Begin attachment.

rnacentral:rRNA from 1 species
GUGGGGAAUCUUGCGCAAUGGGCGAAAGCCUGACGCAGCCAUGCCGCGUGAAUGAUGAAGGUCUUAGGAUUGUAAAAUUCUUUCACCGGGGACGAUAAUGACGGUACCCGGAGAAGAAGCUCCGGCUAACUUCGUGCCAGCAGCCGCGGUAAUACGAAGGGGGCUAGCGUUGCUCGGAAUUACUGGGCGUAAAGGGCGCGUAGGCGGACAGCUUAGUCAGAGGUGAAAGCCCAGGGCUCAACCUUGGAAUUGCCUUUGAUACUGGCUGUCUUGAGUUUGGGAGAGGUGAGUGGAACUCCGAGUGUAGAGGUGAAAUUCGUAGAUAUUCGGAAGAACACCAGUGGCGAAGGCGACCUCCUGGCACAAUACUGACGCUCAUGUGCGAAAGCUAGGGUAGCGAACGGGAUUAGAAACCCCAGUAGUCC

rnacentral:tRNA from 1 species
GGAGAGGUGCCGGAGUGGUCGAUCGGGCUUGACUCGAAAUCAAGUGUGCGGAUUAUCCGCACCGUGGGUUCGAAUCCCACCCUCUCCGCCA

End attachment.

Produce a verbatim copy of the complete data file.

rnacentral:rRNA from 1 species
GUGGGGAAUCUUGCGCAAUGGGCGAAAGCCUGACGCAGCCAUGCCGCGUGAAUGAUGAAGGUCUUAGGAUUGUAAAAUUCUUUCACCGGGGACGAUAAUGACGGUACCCGGAGAAGAAGCUCCGGCUAACUUCGUGCCAGCAGCCGCGGUAAUACGAAGGGGGCUAGCGUUGCUCGGAAUUACUGGGCGUAAAGGGCGCGUAGGCGGACAGCUUAGUCAGAGGUGAAAGCCCAGGGCUCAACCUUGGAAUUGCCUUUGAUACUGGCUGUCUUGAGUUUGGGAGAGGUGAGUGGAACUCCGAGUGUAGAGGUGAAAUUCGUAGAUAUUCGGAAGAACACCAGUGGCGAAGGCGACCUCCUGGCACAAUACUGACGCUCAUGUGCGAAAGCUAGGGUAGCGAACGGGAUUAGAAACCCCAGUAGUCC

rnacentral:tRNA from 1 species
GGAGAGGUGCCGGAGUGGUCGAUCGGGCUUGACUCGAAAUCAAGUGUGCGGAUUAUCCGCACCGUGGGUUCGAAUCCCACCCUCUCCGCCA